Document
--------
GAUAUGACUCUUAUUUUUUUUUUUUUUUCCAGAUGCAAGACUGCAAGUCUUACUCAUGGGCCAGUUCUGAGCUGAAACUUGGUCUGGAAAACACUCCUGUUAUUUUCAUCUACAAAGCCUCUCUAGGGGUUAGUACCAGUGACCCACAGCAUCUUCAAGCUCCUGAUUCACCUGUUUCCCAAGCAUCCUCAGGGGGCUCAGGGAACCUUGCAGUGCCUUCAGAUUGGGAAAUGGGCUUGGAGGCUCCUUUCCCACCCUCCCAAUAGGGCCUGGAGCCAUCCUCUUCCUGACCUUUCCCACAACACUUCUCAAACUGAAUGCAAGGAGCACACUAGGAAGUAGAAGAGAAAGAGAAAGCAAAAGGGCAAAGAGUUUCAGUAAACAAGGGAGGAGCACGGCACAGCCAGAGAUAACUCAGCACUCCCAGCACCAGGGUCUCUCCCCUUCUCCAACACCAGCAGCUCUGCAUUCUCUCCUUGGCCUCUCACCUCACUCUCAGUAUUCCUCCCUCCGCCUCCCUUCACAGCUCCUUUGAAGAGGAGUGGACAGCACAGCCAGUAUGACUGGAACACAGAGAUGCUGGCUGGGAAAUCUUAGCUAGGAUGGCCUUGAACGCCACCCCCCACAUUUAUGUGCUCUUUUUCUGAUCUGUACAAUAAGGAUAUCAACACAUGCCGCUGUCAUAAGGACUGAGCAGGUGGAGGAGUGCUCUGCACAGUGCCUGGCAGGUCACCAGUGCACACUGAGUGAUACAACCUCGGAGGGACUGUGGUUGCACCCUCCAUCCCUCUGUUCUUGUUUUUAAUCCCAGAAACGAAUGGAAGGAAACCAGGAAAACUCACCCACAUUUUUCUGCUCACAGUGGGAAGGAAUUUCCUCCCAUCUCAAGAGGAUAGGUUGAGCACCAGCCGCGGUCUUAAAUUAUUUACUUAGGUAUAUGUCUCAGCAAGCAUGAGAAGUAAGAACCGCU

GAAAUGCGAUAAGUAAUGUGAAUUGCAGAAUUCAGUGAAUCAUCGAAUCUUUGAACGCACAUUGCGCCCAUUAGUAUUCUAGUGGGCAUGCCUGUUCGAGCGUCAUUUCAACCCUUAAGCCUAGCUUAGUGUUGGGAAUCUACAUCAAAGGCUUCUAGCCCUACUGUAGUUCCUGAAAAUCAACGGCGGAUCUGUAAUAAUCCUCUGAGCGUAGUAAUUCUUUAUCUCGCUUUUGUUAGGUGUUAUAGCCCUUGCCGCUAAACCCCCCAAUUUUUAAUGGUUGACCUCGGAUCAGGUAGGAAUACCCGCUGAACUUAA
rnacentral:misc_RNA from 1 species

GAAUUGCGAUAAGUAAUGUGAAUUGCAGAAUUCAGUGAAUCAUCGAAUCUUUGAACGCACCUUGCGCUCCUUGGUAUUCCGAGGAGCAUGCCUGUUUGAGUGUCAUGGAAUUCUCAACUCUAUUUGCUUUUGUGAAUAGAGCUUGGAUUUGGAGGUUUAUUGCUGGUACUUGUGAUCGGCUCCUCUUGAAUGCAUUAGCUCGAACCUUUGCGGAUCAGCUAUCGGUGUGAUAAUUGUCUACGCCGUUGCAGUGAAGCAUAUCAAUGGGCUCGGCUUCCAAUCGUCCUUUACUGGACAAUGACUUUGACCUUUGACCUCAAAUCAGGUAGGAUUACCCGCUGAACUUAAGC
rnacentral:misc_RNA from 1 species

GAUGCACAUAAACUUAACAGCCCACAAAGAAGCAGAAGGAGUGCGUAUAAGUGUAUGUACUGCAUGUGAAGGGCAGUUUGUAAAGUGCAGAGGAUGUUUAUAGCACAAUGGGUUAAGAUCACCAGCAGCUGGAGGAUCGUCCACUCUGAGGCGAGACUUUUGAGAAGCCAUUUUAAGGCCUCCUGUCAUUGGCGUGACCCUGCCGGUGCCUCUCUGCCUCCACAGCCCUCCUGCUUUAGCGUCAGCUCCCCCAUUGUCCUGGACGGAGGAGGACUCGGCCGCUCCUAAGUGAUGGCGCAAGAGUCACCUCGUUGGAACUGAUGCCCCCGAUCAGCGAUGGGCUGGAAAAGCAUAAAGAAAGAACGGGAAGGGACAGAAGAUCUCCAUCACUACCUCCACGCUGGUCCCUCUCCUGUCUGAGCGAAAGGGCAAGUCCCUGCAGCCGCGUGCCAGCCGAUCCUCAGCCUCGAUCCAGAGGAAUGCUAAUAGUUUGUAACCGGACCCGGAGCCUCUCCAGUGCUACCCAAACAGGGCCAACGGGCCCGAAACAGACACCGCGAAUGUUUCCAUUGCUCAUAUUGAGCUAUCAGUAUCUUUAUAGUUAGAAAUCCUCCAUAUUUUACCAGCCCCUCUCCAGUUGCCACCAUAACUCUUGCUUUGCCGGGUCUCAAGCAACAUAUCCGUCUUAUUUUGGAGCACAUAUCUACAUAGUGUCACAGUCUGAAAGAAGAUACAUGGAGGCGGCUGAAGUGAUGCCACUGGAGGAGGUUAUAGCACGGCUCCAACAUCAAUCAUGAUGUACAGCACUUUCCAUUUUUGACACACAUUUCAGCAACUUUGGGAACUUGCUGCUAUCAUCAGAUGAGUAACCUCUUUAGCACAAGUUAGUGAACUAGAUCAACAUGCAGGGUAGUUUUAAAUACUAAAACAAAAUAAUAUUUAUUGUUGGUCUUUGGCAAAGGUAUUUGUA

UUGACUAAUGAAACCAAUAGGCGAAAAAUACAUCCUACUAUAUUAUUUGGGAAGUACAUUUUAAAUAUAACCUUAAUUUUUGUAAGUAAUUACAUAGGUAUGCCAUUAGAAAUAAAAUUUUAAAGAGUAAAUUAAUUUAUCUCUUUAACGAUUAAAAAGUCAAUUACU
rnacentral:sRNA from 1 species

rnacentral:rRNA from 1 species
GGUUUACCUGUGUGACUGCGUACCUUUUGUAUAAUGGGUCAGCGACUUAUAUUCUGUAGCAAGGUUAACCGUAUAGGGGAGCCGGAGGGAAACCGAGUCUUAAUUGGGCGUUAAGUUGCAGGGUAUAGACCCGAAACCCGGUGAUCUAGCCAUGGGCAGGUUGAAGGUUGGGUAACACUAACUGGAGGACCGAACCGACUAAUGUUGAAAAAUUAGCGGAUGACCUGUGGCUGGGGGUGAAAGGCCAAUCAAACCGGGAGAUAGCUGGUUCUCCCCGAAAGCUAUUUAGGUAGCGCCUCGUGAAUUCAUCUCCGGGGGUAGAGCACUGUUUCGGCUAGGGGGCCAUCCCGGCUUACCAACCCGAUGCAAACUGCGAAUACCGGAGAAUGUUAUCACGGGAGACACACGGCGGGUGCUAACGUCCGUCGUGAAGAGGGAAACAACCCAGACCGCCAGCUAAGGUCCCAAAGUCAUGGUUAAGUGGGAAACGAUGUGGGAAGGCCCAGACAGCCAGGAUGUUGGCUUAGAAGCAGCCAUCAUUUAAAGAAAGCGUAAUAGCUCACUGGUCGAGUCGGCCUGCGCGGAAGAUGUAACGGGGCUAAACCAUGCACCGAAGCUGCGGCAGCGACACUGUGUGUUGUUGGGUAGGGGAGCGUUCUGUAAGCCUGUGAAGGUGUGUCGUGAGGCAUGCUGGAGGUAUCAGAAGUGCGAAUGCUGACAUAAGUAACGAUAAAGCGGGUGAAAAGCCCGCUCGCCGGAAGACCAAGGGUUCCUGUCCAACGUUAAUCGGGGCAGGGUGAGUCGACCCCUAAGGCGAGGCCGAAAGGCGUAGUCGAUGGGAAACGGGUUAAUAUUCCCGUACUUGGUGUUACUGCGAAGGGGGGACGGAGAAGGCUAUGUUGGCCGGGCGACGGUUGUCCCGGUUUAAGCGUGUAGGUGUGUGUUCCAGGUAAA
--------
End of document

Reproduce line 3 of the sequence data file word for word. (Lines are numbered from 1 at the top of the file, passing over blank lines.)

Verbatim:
rnacentral:misc_RNA from 1 species